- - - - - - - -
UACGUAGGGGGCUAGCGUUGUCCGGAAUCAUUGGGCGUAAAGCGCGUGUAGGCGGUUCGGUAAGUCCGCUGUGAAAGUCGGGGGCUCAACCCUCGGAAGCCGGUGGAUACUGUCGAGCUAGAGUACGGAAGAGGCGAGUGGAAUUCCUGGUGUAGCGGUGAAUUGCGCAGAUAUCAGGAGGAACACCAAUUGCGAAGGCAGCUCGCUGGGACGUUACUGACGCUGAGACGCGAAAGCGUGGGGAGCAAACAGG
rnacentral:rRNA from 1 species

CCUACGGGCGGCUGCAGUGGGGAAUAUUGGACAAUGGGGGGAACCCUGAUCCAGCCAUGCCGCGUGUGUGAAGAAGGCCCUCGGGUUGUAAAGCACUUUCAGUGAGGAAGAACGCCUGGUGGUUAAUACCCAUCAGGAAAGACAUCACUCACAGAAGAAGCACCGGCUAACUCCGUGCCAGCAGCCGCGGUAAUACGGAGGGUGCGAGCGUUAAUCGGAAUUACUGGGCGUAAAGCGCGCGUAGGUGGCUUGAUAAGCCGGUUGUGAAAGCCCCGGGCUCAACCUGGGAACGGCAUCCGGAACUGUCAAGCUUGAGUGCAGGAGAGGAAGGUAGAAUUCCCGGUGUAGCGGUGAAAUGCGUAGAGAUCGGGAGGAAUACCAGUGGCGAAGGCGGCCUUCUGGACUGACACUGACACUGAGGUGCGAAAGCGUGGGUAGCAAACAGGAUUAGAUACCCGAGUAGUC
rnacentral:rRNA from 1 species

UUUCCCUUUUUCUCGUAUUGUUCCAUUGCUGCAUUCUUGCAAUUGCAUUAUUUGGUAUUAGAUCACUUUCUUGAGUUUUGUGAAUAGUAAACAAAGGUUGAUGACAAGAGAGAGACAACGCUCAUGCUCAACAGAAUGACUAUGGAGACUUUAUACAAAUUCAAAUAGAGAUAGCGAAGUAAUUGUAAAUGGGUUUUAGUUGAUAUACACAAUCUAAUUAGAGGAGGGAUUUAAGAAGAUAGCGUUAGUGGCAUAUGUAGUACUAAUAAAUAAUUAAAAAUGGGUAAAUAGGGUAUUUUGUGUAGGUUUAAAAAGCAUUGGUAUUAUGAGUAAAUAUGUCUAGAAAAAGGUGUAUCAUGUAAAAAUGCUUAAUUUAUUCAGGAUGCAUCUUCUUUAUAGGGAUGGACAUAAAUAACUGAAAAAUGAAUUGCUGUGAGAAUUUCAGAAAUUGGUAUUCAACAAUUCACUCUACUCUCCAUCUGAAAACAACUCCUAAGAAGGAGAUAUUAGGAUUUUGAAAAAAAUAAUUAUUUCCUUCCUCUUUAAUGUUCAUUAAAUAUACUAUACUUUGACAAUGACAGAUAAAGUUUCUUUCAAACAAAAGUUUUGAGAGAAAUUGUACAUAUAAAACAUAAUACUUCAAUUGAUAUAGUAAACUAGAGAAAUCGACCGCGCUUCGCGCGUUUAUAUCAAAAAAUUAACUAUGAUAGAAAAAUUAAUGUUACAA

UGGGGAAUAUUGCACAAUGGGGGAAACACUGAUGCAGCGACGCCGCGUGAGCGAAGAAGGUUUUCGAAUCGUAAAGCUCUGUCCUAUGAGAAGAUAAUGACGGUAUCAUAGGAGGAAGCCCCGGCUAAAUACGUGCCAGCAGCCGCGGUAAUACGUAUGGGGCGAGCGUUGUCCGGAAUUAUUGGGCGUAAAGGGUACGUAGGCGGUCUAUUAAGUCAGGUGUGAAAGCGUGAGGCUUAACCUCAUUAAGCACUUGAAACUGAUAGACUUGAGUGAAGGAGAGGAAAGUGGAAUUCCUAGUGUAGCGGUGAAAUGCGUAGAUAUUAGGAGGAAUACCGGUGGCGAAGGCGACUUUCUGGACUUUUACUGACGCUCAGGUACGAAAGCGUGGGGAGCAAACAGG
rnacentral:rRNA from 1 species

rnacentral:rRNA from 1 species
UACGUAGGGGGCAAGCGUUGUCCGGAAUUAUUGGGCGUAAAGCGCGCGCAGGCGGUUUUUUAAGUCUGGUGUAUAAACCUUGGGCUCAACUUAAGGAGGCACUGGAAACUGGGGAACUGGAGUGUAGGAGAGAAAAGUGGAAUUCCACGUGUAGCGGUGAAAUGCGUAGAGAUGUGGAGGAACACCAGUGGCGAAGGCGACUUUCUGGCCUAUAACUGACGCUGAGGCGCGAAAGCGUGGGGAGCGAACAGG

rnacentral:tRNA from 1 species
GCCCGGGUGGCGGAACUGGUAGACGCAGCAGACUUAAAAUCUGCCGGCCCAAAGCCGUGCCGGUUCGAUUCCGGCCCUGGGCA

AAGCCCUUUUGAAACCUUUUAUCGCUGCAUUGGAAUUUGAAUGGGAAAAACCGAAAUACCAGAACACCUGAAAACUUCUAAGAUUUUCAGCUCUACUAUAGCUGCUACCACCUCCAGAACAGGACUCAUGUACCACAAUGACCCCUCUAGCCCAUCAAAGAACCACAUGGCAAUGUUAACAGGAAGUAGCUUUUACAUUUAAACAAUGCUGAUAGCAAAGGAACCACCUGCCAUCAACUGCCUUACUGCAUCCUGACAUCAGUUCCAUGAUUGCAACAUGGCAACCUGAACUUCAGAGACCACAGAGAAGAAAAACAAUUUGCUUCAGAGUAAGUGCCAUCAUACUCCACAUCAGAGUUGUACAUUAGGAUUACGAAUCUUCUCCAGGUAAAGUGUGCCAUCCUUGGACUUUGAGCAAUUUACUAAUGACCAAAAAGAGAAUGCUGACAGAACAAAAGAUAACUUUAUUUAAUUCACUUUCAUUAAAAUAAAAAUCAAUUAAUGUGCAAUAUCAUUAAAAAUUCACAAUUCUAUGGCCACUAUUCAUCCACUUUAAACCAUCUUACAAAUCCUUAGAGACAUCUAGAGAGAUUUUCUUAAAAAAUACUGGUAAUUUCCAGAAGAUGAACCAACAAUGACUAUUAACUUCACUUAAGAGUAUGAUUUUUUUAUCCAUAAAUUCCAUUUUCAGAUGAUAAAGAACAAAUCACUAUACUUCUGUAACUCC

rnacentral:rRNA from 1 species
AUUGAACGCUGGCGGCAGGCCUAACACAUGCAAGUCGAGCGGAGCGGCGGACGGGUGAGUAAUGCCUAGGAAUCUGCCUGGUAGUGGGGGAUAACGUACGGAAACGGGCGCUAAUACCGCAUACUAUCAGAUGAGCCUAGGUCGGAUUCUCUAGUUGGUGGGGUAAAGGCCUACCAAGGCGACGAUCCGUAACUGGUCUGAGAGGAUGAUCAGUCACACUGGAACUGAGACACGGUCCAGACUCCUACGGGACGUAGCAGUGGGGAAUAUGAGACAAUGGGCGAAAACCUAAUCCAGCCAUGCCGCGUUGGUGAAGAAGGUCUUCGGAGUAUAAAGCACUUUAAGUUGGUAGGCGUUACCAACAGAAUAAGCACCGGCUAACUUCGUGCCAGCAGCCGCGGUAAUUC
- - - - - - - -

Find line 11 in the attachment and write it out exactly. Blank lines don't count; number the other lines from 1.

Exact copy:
GCCCGGGUGGCGGAACUGGUAGACGCAGCAGACUUAAAAUCUGCCGGCCCAAAGCCGUGCCGGUUCGAUUCCGGCCCUGGGCA